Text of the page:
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After Ramadan, back to your regularly scheduled occupation

During the month of Ramadan, Palestinians were more freely able to pass between the West Bank and Jerusalem. Now it’s back to the old rules of military occupation.

Text by Ahmad al-Bazz / Activestills.org

The final Friday of Ramadan was also the final day in which Israel temporarily “relaxed” its restrictions on Palestinian movement in the West Bank.

Throughout the past month, which Muslims mark as the holiest time of the year, Israel allowed women of all ages, men over 40, and children under 12 to enter Jerusalem for Friday prayers without special entry permits. Palestinians were also granted permission to enter Jerusalem on Laylat al-Qadr last Wednesday, which Muslims mark as the night when the first verses of the Quran were revealed to Muhammad.

Over the past month, hundreds of thousands of Palestinians traveled through both Qalandiya checkpoint near Ramallah and the Checkpoint 300 outside Bethlehem. Some young Palestinians who were not allowed through the checkpoints used ropes and ladders to climb over the separation wall.

 

Over 250,000 Palestinians lost a rare chance to cross the Green Line after the Israeli government revoked their entry permits. The Israeli government revoked entry permits from 250,000 Palestinians last week following an attack three Palestinians against Israeli security forces in Jerusalem’s Damascus Gate, which killed Border Police officer Hadas Malka. Those permits, which were granted for “family visits” during the month of Ramadan and the three-day holiday of Eid al-Fitr (which begins on Sunday), were meant to be valid throughout the entire month and during the holiday, aside from weekends.

The “relaxed” restrictions, as they are termed by the Israeli authorities, have come to an end. Palestinians in the West Bank will now return to the rules of military occupation, which control their movement in the area between the Mediterranean Sea and the Jordan River. Until the next Ramadan.

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PHOTOS: Hundreds call for release of Ethiopian-Israeli held in Gaza

Hundreds gathered in Tel Aviv on Saturday to call for the release of Avera Mengistu, who has been missing in Gaza for 1,000 days. In nearby Petah Tikva, hundreds demonstrated against police brutality and threats to freedom of expression.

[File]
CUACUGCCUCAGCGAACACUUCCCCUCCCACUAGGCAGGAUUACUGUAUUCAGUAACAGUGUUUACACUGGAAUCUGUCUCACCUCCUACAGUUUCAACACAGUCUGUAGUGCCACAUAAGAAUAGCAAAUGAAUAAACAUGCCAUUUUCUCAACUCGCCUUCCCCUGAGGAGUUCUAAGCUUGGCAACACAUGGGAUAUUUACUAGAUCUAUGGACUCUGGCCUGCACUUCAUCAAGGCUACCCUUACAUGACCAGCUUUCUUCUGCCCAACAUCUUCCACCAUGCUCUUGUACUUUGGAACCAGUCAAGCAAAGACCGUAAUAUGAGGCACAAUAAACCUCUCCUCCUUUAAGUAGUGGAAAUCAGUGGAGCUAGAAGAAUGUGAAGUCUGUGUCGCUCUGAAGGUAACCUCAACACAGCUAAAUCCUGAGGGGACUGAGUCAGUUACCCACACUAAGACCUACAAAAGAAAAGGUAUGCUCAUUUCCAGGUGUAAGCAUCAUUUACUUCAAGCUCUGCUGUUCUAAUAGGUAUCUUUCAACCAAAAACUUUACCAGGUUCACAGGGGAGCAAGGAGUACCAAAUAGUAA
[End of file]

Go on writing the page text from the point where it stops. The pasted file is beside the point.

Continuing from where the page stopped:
Photos: Oren Ziv / Activestills (Tel Aviv), Orly Noy (Petah Tikva)

Hundreds of people marched down Tel Aviv’s Rothschild Boulevard on Saturday evening in solidarity with Avera Mengistu, an Ethiopian-Israeli who entered Gaza in September 2014 and has been missing ever since. He is presumed to be in Hamas captivity.

Marking 1,000 days since his disappearance, protesters wore t-shirts bearing his image, and with the words “Where is Avera?” on them.

Since the gag order on Mengistu’s disappearance was lifted in July 2015, 11 months after he went missing, critics have publicly questioned the government’s inaction over trying to secure his release.

In nearby Petah Tikva, meanwhile, hundreds of people demonstrated on Saturday evening against police brutality and threats to freedom of expression.

Demonstrators held up signs protesting police violence and calling for Prime Minister Benjamin Netanyahu to stand trial, as well as for the Attorney General to resign.

This post is also published in Hebrew on Local Call.

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PHOTOS: Who is and isn't allowed into Jerusalem on Ramadan

Tens of thousands of Palestinians crossed through Israeli checkpoints Friday morning to pray at Al-Aqsa Mosque.

Photos and text by Oren Ziv/Activestills.org

Thousands of Palestinians from the West Bank crossed through Qalandiya checkpoint on their way to Al-Aqsa Mosque on Friday to mark the first Friday of Ramadan. This year, the Israeli authorities allowed entry to women and girls of all ages, as well as men over 40 and boys under the age of 11. According to various sources, restrictions were eased due to pressure by the Trump administration.

Additionally, small groups of teenagers — who are barred from crossing the checkpoint — tried to cross over the separation barrier adjacent to the checkpoint using ladders. In response, Israeli soldiers crossed into Palestinian territory and confiscated the ladders.

On Thursday Israeli authorities announced that for the first time in a year and a half, a few hundred Palestinian men would be allowed to exit Gaza in organized rides and join the Friday prayers in Al-Aqsa. According to the IDF Spokesperson, since the early hours of the morning approximately 65,000 Palestinians crossed through Israeli checkpoints on their way to pray in Jerusalem.

 

 

 

 

 

This post is also published in Hebrew on Local Call.

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PHOTOS: A week of joint struggle in Sumud Freedom Camp

For over a week, Jewish activists from across the globe have joined Palestinians in an effort to rebuild a depopulated village in the West Bank. 

By: Ahmad Al-Bazz / Activestills.org

It has been over a week since 250 Palestinians, Israelis, and diaspora Jews came together to establish the “Sumud Freedom Camp” on the site of Sarura, a former Palestinian village in the West Bank, whose residents were expelled by Israeli forces between 1980 and 1998 (“sumud” is Arabic for steadfastness).